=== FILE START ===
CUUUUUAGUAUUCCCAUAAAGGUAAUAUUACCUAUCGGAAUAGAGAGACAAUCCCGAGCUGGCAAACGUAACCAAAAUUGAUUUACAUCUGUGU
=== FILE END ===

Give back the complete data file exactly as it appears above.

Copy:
CUUUUUAGUAUUCCCAUAAAGGUAAUAUUACCUAUCGGAAUAGAGAGACAAUCCCGAGCUGGCAAACGUAACCAAAAUUGAUUUACAUCUGUGU